Including one of the all-time greats, the 1995 Mustang Cobra R. That was a competition model, too. Ford only sold it to people who had active road-racing licenses. It came with the last of the factory-installed 5.8 liter (351) V8s, a heavy-duty Tremec 5-speed manual and literally nothing else except the Mustang itself. No AC. No radio. No back seats. It was as serious a cart as you could buy back in ’95.
And the V8 made all of 300 horsepower. It was enough to get the R to 60 in 5.2 seconds. It did not get 31 MPG on the highway or anywhere else.
The new Mustang — the base Mustang, which anyone can buy — gets to 60 in 5.3 seconds.
It also comes standard with a six-speed manual. And back seats.
This version of the Mustang is quicker than the base-engined Camaro — which comes with a much-less-powerful (and smaller) 2.0 liter turbo four and much quicker than the base-engined Dodge Challenger — which has a larger (and slightly stronger) 3.6 liter/305 hp V6 but also weighs 300-plus pounds more than the Ford (3,858 lbs. vs. 3,542 lbs.) and comes only with an automatic transmission with the V6.
The hunky — literally — Dodge takes about six seconds to get to 60. It does offer AWD (with the V6 only) which gives it something the rear-drive-only Mustang and Camaro do not offer.
If 5.3 seconds to 60 doesn’t excite you, maybe the GT’s 5.0 liter V8 will. It makes 460 horsepower (480 horsepower in the Bullitt) and gets the Mustang to 60 in just under 4 seconds. With climate control AC and heated leather seats.
The one thing you won’t get is 31 MPG.
With the V8, the Mustang’s mileage dips to 15 city, 25 highway. But you’ll be able to get to the next gas station a whole lot faster.
A six-speed manual is standard; a performance calibrated 10-speed automatic (with launch control and line lock) is optional.
ON THE ROAD
Twenty-three years ago, I drove the Cobra R from DC to NYC in less than three hours (hoping Ford is not reading this) blasting through the Baltimore Harbor Tunnel at 2 a.m. at more than 100 MPH with the 351 howling through the straight pipes, the reverb echoing off the white-tiled walls.
It was a fun — but brutal — trip.
Remember: No AC. And not much insulation, either. The Cobra’s header collectors and down tubes ran parallel to the driveshaft tunnel and the heat they emanated literally radiated through the floorpans into the car. But I was in my young 20s and it didn’t matter. What did matter was the R’s speed — which was as blinding as 190 proof moonshine . . . for ’95.
Today, a Camry V6 could match the Cobra’s moves — with the AC quietly humming.
So, I’d take that trip today in a new GT.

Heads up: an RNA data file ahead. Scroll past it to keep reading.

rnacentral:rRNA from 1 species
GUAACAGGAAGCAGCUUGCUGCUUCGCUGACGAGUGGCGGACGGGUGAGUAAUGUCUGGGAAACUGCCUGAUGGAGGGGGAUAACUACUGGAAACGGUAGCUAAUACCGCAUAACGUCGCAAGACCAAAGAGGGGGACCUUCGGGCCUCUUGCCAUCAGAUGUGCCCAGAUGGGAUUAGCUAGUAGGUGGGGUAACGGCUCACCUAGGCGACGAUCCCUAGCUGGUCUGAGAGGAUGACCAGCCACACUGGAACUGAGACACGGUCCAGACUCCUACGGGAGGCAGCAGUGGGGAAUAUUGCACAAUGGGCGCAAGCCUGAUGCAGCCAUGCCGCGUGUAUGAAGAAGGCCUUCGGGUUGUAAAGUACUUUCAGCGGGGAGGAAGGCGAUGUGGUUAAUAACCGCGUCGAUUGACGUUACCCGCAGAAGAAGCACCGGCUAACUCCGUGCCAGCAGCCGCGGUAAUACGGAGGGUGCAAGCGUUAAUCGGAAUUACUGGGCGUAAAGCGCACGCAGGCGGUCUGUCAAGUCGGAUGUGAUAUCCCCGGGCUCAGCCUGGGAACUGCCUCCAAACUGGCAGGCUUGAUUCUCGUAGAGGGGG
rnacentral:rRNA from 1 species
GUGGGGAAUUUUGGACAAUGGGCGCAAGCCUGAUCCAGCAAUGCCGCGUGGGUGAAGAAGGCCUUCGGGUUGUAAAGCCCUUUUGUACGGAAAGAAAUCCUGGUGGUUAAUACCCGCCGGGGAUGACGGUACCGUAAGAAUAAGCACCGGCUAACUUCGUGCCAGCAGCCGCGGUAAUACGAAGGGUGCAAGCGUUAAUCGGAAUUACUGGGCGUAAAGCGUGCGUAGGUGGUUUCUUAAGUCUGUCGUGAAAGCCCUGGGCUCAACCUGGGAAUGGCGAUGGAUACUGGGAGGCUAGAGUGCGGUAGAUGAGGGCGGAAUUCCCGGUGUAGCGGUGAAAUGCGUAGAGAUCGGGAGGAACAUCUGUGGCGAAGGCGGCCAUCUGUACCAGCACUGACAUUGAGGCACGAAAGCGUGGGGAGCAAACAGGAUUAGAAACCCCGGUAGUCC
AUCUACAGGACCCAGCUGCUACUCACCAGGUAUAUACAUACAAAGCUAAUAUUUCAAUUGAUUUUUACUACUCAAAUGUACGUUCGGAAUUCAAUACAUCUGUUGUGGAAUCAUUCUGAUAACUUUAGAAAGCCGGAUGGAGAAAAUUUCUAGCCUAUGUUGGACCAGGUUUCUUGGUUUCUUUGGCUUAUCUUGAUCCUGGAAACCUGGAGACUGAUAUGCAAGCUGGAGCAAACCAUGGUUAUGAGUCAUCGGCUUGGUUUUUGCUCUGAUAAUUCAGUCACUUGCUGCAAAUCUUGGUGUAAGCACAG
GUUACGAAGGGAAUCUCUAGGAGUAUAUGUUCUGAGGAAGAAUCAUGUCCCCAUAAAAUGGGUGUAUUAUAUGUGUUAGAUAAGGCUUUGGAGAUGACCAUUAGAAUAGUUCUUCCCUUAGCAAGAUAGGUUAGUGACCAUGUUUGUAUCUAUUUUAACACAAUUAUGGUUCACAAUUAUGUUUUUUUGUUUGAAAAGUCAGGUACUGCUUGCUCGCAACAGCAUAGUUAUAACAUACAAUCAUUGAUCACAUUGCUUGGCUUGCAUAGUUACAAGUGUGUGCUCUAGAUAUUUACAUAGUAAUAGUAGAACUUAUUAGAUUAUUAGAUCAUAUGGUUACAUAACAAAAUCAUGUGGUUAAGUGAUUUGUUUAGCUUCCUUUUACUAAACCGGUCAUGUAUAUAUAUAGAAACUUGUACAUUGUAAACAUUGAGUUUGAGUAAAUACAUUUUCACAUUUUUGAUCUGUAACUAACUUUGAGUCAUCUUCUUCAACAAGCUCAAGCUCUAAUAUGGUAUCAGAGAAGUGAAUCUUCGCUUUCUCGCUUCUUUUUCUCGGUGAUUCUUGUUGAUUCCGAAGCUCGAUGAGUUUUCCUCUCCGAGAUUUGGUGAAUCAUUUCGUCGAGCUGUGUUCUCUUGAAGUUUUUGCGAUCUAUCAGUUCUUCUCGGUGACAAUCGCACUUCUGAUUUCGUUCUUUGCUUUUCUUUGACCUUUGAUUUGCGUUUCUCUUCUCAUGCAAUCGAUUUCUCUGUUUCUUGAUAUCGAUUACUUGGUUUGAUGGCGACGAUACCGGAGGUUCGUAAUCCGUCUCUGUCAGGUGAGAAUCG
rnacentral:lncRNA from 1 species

The 5.0 V8 is art that speaks. It actually sounds better than the old 351 — and that is no minor thing given 23 years of additional Uncle-ization. The new GT has to have four catalytic converters to pass EPA muster . . . and yet . . . when you push the start button and the five-oh comes alive, it’s like it’s 1964 again and you’d almost swear there was a 289 Hi-Po sucking air through a big Holley four barrel under there.
The idle is that of a cammed American V8, with that lusciously non-EV long-duration lope. But the GT’s V8 is an overhead cammer that will spin easily to more than 7,000 RPM before it bumps up against the rev limiter — while also pulling 20 inches of vacuum at idle and so is as tractable as a Camry’s V6 . . . until you ask it to be more than tractable.
Because there is so much power — the GT’s 5.0 V8 makes 160 more horsepower than the competition Cobra R’s 5.8 made and that’s without the Bullitt upgrades — the car makes you feel like Superman.
Pass at will, great leaps in a single bound. This car can get you out of almost any trouble.
Except the kind that comes from a radar gun.
The optional ten-speed is a work of electro-mechanical engineering art. The thing rips dead-on triple downshifts (with rev-matched throttle blips) as you brake ahead of a tight curve — holding the right gear through the curve, then an upshift before your brain has time to become conscious of the need for one.
Even the gear selector engages your emotions — not just gears. Pull it back into Drive and feel the positive mechanical engagement; you don’t have to look. Your right hand knows. Pull back one more notch for Sport — and those intuit-your-intentions gear changes.
In more than 25 years of test driving new cars, not once — until now — have I written the following but am compelled to do so now:
The automatic is the one I’d choose for myself.